But as the debate about Gunkanjima rages on, tourists still flock to explore the dramatic landscape of the abandoned island. Amazingly, Forbes claimed that 235,000 visitors traveled to the island in 2011, each paying the equivalent of nearly $40 each for a three-hour guided tour.
And getting to Gunkanjima isn’t easy; visitors must brave a hair-raising boat journey through choppy waters. In fact, conditions are often so bad that the tours are cancelled before they can begin. But for those who manage to make it to the island, a startling landscape awaits.
While visiting Gunkanjima, tourists are sometimes lucky enough to be shown around by someone who used to live and work on the island. And through them, they can learn what life on this strange outpost was really like. Now an old man, Tomoji Kobata was a resident for a year back in 1961, and today he leads guided tours.
“It reminded me of Hong Kong,” Kobata told CNN. “Cooking hours were quite noisy. Wives would borrow seasoning and exchange food they couldn’t finish. No one needed to lock the door.” But although the former resident touches upon the issue of forced labor during his tours, he too refused to give it much attention. He claimed, “There were so many other sides to life on the island beyond that.”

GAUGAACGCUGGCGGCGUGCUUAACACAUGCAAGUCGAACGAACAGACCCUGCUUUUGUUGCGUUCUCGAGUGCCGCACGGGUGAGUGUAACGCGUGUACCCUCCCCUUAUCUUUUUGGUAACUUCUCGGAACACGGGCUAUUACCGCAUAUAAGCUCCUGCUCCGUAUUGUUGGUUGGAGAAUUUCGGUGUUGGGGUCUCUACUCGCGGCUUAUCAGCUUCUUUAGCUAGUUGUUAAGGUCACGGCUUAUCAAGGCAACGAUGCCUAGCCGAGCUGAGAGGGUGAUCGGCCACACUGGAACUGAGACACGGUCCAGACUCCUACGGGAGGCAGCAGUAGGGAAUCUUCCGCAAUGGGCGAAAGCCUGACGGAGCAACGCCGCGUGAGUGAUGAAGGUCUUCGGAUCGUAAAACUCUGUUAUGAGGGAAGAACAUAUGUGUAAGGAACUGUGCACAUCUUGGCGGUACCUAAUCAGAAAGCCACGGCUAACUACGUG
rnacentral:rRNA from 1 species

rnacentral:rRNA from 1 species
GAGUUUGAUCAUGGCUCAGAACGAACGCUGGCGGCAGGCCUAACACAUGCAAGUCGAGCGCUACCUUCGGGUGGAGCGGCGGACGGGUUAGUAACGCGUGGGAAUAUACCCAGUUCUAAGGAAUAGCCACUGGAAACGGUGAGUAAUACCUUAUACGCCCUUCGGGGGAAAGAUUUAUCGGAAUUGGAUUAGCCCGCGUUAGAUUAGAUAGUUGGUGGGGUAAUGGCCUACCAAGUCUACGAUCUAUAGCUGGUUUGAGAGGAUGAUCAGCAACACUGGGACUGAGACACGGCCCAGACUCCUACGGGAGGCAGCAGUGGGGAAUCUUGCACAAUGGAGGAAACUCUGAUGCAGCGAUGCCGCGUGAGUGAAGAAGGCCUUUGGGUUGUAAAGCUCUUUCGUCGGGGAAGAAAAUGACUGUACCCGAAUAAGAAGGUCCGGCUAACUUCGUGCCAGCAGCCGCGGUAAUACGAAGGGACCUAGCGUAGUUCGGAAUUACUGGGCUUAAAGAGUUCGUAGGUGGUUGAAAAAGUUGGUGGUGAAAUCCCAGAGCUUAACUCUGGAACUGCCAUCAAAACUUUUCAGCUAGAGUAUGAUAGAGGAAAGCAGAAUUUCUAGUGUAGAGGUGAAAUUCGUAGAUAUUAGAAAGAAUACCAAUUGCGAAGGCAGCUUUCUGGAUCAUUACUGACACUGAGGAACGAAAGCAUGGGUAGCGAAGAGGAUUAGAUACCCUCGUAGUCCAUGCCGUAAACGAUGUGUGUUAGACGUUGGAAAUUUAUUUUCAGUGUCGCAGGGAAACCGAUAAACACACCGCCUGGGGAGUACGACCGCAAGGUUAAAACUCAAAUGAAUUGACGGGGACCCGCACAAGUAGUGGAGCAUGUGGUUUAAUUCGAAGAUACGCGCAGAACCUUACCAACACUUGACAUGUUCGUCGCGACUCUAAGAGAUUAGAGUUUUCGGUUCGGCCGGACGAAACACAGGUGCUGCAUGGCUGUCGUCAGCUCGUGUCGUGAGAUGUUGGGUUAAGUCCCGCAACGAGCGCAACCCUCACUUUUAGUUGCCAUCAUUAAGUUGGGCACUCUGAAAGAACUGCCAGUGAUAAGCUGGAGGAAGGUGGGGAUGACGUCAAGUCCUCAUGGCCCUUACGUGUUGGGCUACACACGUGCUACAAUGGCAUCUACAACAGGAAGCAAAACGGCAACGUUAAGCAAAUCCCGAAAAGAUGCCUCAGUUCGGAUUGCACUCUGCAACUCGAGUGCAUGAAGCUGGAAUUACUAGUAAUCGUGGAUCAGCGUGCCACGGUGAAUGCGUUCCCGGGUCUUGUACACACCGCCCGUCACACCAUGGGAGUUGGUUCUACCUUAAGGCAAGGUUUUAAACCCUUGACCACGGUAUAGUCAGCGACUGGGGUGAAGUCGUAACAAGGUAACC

Over the years, many intrepid adventurers have made their way to Gunkanjima – and their stunning photos have won countless likes across social media. But in 2012 the island took its fame to a whole new level, when the James Bond movie Skyfall was released.
Apparently, the producers of Skyfall were inspired by the unique aesthetic and dramatic location of Gunkanjima. But although they initially hoped to film on the island itself, location scouts soon concluded that the dilapidated buildings were too dangerous to use as a functioning movie set.
Instead, workers at Pinewood Studios painstakingly recreated a slice of Gunkanjima inside the London lot where the movie was eventually shot. And even though the island itself was not used as a filming location, it will forever be remembered as the inspiration behind Skyfall’s villain’s lair.
In 2019 tourism on Gunkanjima was dealt a blow when inspectors discovered a dangerous level of asbestos on the island, which led to a suspension of visits to the island in July that year. And though the future of this strange place remains uncertain, it will – for now at least – be remembered, Meow said, as somewhere “between hell and paradise.”